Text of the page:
The Straddle Bus: An Alternative to LRT in Mississauga?


Published June 9, 2016 at 2:25 am


The Hurontario-Main LRT is scheduled to begin construction in 2018, slated to finish by 2022. Of course there are inevitable questions about potential cost overruns and construction issues, but those I believe would not even be the main issues. 

During construction, it has been mentioned several times — by city officials and elected ones — that there will be inevitable interruption of the normal usage of Hurontario as they convert one lane of traffic to accommodate the LRT vehicle. 

There is construction work being done on Hurontario right now, and trust me it’s very disruptive for the average driver. They’ve narrowed Hurontario to two lanes starting around Fairview, and gradually to one lane until Burnhamthorpe Road, so I’m getting a taste of what it will be like when lanes are taken away permanently.

I am still convinced the LRT is the best option for Mississauga in terms of moving people around within the city, but there are always alternates to improve upon existing infrastructure. 

When I saw this, I was really intrigued. It solves the issue of sharing space with vehicles on the road, is innovative, and actually looks quite fun to ride. This idea was conceived sometime around 2013 and was proposed to be installed in some Chinese cities and could soon be coming to the United States.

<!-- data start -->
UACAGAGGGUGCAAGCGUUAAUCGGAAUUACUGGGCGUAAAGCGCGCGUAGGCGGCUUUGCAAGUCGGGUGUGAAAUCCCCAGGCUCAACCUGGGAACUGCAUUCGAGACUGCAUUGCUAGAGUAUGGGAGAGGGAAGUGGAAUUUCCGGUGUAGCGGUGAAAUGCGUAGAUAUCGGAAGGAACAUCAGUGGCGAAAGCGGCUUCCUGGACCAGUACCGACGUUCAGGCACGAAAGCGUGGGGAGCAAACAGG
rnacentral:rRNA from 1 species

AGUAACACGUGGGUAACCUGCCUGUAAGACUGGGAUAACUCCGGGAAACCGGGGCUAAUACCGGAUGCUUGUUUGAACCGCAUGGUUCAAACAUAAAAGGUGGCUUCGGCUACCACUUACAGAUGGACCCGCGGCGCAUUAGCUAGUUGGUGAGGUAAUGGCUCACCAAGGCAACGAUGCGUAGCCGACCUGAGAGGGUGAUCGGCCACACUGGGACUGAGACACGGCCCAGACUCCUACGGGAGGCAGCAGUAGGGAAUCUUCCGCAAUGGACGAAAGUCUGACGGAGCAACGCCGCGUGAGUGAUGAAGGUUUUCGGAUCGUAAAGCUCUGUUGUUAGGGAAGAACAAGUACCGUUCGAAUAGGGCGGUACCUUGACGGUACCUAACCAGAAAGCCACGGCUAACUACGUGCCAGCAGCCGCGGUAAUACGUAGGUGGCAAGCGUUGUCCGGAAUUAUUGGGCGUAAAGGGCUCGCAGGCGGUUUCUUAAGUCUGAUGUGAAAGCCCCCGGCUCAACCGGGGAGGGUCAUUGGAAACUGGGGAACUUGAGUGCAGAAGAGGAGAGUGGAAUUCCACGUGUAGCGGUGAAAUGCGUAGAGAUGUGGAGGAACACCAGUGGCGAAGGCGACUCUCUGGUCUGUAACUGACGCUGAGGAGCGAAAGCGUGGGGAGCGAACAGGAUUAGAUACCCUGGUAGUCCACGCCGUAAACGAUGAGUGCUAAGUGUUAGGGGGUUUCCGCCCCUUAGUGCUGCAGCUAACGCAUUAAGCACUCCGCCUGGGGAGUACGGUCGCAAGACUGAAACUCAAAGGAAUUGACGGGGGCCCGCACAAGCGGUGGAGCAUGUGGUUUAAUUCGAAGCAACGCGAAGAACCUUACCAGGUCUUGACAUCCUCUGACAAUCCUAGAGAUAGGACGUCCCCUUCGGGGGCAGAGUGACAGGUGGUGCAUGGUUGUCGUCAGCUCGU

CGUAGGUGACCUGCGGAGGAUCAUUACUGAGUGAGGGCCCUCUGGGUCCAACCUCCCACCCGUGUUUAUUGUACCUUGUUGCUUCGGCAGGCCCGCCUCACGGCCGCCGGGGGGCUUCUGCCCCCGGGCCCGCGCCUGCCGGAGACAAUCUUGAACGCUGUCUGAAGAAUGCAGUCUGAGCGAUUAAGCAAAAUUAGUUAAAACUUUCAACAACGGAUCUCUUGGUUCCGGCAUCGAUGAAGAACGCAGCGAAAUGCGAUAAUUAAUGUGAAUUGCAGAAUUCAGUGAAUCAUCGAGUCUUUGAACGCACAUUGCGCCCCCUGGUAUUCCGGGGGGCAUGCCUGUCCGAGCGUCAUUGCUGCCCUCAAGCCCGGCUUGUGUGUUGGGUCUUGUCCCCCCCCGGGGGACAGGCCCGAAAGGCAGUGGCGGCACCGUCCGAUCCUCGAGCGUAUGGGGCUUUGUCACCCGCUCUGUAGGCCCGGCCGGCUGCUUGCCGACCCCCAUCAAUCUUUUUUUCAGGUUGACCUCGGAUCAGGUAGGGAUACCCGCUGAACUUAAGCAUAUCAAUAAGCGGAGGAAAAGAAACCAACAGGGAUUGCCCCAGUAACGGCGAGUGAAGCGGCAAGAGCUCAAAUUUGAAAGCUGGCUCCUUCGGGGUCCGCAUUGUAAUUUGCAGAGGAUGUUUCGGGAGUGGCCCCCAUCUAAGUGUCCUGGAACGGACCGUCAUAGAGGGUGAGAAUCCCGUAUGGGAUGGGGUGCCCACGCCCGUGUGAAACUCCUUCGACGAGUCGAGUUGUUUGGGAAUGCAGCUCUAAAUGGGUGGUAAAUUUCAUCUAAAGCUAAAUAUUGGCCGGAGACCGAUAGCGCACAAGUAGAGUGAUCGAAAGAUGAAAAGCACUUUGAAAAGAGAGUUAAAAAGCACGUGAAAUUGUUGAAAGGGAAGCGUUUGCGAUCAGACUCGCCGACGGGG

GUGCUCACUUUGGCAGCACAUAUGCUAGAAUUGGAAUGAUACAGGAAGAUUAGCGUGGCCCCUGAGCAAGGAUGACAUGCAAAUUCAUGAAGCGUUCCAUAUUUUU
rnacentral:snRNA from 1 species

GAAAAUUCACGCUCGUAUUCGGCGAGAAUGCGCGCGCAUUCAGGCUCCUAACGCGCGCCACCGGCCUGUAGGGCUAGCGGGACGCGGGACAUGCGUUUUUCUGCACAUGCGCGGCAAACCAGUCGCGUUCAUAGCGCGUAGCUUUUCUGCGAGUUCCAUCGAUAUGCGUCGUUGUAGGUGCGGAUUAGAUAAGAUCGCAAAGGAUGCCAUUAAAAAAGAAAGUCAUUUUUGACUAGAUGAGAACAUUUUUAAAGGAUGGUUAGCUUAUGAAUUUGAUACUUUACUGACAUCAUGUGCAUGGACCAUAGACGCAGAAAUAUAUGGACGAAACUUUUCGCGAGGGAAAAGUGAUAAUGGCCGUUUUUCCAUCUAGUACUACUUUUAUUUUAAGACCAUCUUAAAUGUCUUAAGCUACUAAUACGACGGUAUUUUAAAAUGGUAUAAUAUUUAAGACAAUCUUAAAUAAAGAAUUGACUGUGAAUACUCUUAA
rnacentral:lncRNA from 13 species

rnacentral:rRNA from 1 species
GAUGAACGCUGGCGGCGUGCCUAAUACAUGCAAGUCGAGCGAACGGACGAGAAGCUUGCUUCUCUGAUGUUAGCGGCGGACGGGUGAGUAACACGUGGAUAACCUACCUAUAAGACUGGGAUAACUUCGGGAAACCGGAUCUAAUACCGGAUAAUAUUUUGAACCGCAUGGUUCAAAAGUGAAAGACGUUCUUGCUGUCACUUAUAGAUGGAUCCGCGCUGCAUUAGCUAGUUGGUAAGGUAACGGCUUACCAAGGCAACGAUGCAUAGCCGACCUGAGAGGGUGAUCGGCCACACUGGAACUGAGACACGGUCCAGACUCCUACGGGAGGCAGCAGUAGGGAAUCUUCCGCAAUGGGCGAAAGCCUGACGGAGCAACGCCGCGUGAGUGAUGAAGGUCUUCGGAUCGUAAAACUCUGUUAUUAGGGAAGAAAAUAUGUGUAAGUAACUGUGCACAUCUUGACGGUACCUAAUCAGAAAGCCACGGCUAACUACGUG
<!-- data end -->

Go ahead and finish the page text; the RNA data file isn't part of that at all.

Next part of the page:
Basically, the vehicle would straddle the road, hence the name, and it has a hollowed out area where automobiles can pass through without interrupting the operations of the bus as it picks up and drops off passengers. Also, it’s 85% cheaper than paying for a subway, which someone on this publication also proposed around the same time last year.  


If we adopted this plan instead of the LRT, what would the construction procedure look like? If we picked this Land Airbus idea, most construction could conceivably only be on the side of the road as infrastructure gets installed for the side wheels, because there would be little or no need to put anything on the road itself. At full capacity, the Land Airbus can fit around 300 people. 

I’m not saying change the current plans that are on the books, but looking at long term strategies is part of the human experience and trying to make things better is what society should always be striving for. It’s an intriguing idea worth exploring. It seems more realistic than the constant demand for subways, and it’s doable with the current technologies and engineering expertise we have in Canada.

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